enter aes-256-cbc encryption password:
Verifying - enter aes-256-cbc encryption password:

real 0m7.995s
user 0m2.814s
sys 0m0.098s


Let's look at the size of this file:

$ ls -al elements.list.gz.enc
-rw-r--r-- 1 pileon staff 6954496 Mar 4 17:32 elements.list.gz.enc


It might take longer to compress before encrypting, but the result is much smaller, about one-fifth of the size of the original uncompressed, unencrypted file! This is a huge savings.

Depending on speed versus storage needs for the iPhone application the asker is writing, the choice of order of operations can be an important design consideration, but I think I have a good argument that compressing text before encrypting yields more efficient results.
posted by Blazecock Pileon at 5:47 PM on March 4, 2009 [2 favorites]


In fact, here's a quick demo that shows that tar does not do any compression:

$ ls -al elements.list mapoftheuniverse.pdf
-rw-r--r-- 1 pileon staff 33500188 Mar 14 2008 elements.list
-rw-r--r-- 1 pileon staff 3807909 Oct 22 2007 mapoftheuniverse.pdf


Those two files use a total of 37308097 bytes.

Let's tar them up:

$ tar cvf test.tar elements.list mapoftheuniverse.pdf
elements.list
mapoftheuniverse.pdf


Now let's look at the file size:

$ ls -al test.tar
-rw-r--r-- 1 alexreynolds staff 37314560 Mar 4 18:01 test.tar


The tar archive actually uses another 6463 bytes to contain the two files. There's no compression going on here.
posted by Blazecock Pileon at 6:03 PM on March 4, 2009


How are you going to handle the decryption? If you're going to require your user to have a net connection in order to get a decryption key each time they fire up the application, that'll suck (esp if your client works in an environment that discourages the use of mobile technologies).

If you're going to embed the key in the application, then what's the point? Yes, you'll make things a little bit trickier for the hacker, but not incredibly so. You could probably add more annoyances to finding the key, but that's the kind of stuff that cracker nerds love.
posted by lowlife at 7:07 PM on March 4, 2009


The tar archive actually uses another 6463 bytes to contain the two files. There's no compression going on here.

No, of course tar isn't a compression tool.

However, what tar does is put all of the files into a single continuous file. This means that when zip (or gzip, or lda, or whatever) goes through and looks for identical bitstrings to compress, it can search across files instead of being forced to find identical bitstrings only inside of each individual file.

So, if you had a number of files with identical headers and you place them in a tar file before compression, the headers will all get the same compressed token. If you don't, most compression programs are going to build a separate symbol table for each file, meaning that you gain zero compression from the headers--they're not duplicated in the file, and so no compression can take place.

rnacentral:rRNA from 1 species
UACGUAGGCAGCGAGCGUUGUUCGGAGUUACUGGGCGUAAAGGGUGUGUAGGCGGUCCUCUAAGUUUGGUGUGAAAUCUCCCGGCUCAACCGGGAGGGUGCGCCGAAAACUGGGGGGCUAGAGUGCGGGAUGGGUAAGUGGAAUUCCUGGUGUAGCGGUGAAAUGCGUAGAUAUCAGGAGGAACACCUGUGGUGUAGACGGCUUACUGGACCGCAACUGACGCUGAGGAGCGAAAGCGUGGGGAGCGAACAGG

The more similarity there is between files, the more you gain from packaging them together before compression.

Here's a compressed python source tree from my dev folder: the zip file was created with "zip test.zip -r src"; the tar.zip file was created with "tar cf test.tar src; zip test.tar.zip test.tar".
-rw-r--r-- 1 netzapper netzapper 162K 2009-03-04 20:04 test.tar.zip
-rw-r--r-- 1 netzapper netzapper 176K 2009-03-04 20:03 test.zip

Ignoring all other shared bitstrings between files, all of those files have an identical header at the top with the copyright and licensing information. The plain .zip sees each of those headers, finds that they occur nowhere else in each file, and doesn't compress them. The .tar, however, encodes that header about fifty times in the same file; when zip compresses the tar, it sees multiple repetitions of the same bitstring, writes it out in full only once, and replaces the rest of the occurrences with a very short bitstring.

If you start out with only one file, and not a tree of them, then you don't gain anything by tarring it. However, you do lose compression by breaking it up into separate pieces--the compression algorithm cannot fully exploit repeated bitstrings, since it must encode the full string for each chunk.
posted by Netzapper at 8:14 PM on March 4, 2009


However, you do lose compression by breaking it up into separate pieces--the compression algorithm cannot fully exploit repeated bitstrings, since it must encode the full string for each chunk.

I don't disagree, but I think I would still want to profile how much time it takes for unarchiving a book that is split into chapters on an iPhone. The application as a whole would probably be more responsive for a user, if the iPhone were only unpacking one chapter at a time, instead of an entire book. The storage overhead might be slightly more (it might be a lot), but from my own experience, I'd still suggest compressing individual files before doing any encrypting.